From the bright lights of downtown to a small-town bungalow, the Preservation and Conservation Association's Heritage Awards shed light on those who have saved a piece of architectural history. PACA's BARB GARVEY told staff writer Paul Wood about this year's eight honorees.
"I love how all of these projects see the potential in the features, the buildings, the remnants of our past and make something beautiful out of them -- something which saves them for all of us," she said.
Here's a look at the eight award-winners:
The Park Theatre opened in 1913. It became the Art Theater in 1958. The marquee, installed in 1950, had deteriorated over the years. This resulted in missing, damaged or inoperable neon and incandescent lamps. Two stainless-steel panels were damaged after being hit by a truck. Crowd funding and the City of Champaign's Storefront Improvement Program helped pay for the more than $19,000 project. With American Dowell as contractor, the work included replacing the damaged stainless steel, replacing inoperable light sockets and replacing incandescent and neon lights with LED.
Like many homes built between 1870 and 1930, Betty Lake's home had a failing, leaded glass window. The window has two rows of diamond between which are set elongated hexagons. Before the window was restored, it had broken and cracked glass and bulging panes. Sheila Lehman at Nonpareil Glass added new leading; pane cement was installed and double vertical stiffeners were set in place for extra strength.
Monarch Brewing has a columned façade, emblazoned with a new marquee sporting its namesake. Matt Miller bought the former church in 2016. Miller scraped and painted the entire neo-classical façade. Other changes were the lifting and leveling of the floor in the main area of the nave of the church. Miller and crew pulled up every piece of hardwood from a slanted floor. He removed the old floor joists and reinstalled the original hardwood.
In 2014, the University of Illinois wanted to preserve the historic fabric of the Chemistry Annex building (dedicated in 1931) while providing modern amenities and new, state-of-the-art facilities. The architectural firm Bailey Edwards stabilized the historic exterior of the building; restoration of cast-in-place concrete with cast-in ornamentation was particularly challenging. The terrazzo of the central staircase is characteristic of Art Moderne style with both soft curves and diamond pattern executed in intense greens, reds, yellows and black.
Jeff and Minerva Partenheimer purchased the bungalow and surrounding property. The house was moved and a new foundation was dug and built. The house was stripped down to the bare bones. A stoop and a dormer were added, and the house received a new roof. Exterior doors, siding, trim and porches were replaced. These were restored and reinstalled. The original floors were refinished. Trim and interior doors were salvaged, stripped and refinished.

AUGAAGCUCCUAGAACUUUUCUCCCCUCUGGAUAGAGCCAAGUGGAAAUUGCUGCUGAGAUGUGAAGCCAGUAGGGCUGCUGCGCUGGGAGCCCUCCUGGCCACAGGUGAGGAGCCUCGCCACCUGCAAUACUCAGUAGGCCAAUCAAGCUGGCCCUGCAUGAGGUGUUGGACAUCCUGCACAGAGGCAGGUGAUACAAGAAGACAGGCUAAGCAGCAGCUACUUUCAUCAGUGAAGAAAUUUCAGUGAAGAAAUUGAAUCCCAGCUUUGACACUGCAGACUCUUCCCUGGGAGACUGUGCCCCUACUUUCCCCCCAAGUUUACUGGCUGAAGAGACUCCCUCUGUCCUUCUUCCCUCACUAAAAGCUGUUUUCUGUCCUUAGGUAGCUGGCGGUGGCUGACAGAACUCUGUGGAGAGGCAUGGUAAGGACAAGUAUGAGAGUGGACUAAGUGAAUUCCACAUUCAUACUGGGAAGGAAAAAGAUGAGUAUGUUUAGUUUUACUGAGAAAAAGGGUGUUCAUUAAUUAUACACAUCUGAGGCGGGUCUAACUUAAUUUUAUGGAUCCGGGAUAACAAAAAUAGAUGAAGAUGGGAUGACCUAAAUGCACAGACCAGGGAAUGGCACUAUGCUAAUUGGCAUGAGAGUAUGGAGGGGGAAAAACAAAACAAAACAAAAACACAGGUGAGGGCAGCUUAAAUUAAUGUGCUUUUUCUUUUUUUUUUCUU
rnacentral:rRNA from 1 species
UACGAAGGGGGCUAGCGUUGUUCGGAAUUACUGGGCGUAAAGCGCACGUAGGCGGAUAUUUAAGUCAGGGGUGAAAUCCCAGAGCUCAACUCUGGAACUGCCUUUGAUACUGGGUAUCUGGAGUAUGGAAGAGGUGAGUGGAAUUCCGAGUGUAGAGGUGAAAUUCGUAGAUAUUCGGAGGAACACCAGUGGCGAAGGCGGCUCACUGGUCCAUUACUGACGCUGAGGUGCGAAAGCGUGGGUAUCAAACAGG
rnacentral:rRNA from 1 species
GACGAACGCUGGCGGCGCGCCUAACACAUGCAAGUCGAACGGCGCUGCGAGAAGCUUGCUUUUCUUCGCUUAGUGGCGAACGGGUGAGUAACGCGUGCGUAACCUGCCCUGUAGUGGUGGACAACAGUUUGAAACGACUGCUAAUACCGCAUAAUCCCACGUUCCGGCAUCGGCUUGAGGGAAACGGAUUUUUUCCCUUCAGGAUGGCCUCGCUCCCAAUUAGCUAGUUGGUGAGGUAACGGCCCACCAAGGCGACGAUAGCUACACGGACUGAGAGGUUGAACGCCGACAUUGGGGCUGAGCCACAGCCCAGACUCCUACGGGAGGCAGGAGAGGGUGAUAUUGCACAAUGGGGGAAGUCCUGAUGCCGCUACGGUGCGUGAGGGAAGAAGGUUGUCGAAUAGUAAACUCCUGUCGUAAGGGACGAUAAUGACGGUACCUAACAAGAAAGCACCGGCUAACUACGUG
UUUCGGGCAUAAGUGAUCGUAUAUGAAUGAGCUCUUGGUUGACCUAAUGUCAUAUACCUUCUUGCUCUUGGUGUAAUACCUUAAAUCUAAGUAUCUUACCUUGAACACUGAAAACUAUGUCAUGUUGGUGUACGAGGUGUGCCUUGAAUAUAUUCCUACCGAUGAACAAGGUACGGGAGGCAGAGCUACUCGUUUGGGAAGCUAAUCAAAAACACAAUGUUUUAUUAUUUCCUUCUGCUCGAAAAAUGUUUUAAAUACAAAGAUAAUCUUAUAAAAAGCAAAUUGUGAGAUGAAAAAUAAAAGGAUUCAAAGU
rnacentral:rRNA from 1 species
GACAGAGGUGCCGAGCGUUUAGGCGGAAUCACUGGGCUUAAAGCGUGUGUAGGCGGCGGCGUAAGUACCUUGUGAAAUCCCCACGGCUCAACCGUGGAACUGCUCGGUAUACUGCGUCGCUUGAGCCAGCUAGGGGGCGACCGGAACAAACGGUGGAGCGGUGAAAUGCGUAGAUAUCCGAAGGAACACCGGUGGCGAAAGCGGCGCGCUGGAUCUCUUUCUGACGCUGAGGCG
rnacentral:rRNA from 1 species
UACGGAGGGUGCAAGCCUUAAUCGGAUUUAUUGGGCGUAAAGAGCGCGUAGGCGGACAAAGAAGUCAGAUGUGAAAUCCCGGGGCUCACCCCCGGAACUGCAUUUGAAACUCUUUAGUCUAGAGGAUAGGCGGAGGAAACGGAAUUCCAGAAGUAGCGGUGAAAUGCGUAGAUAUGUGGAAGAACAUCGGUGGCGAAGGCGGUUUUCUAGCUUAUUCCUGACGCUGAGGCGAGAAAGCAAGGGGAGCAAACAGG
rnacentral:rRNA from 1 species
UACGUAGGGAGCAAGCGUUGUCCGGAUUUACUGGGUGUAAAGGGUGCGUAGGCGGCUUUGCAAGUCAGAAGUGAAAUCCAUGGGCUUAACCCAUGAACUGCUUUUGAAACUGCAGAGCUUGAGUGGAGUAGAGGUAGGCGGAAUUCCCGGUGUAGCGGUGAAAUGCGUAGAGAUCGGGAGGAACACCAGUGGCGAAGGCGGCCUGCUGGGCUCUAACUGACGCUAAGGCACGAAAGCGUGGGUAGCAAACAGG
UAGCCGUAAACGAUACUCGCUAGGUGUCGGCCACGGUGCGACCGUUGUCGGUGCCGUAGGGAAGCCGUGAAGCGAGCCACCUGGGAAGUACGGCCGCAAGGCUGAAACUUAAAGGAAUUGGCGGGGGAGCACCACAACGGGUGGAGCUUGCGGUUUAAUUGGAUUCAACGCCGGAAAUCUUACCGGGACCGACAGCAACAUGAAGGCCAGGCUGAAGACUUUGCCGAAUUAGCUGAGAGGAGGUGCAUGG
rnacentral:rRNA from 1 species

Amy Podlasek owns one of the eight bungalows between Elm and Springfield. They were built in 1925/26, and originally called West Elm Court, constructed in the Spanish Colonial Revival style of hollow clay tile with stucco cladding. In 2004, Buena Vista Court was put on the National Register of Historic Places. Time and the elements caused degradation of the stucco sills. New Prairie Construction repaired the tops of the parapet walls to prevent further water infiltration. Billbrix Masonry replaced failed areas of stucco.
The owners revitalized and renovated Pour Brothers. Built in 1919 as a car dealership, it had large plate-glass windows on the first floor to showcase more than 30 cars that the Overland-Rickard Motor Car Company sold from this building. Pour Brothers took care to reproduce those windows with the same aesthetic. One of the discoveries the Pour Brothers made happened when construction crews were trenching below the floor. A Fecker's beer bottle was found. Fecker's was a Danville brewery that did not survive Prohibition.
Joseph Royer designed this sorority in 1928 with northern French models in mind. The features include rustic stone work and the rotunda, which echoes a Norman castle keep. The steep roofs and dormers also look characteristically French. The building was abandoned in 2010. Owner Pierre Moulin bought it in 2017. It was transformed into an apartment building with modern appliances and amenities, though some retain the original hardwood floors.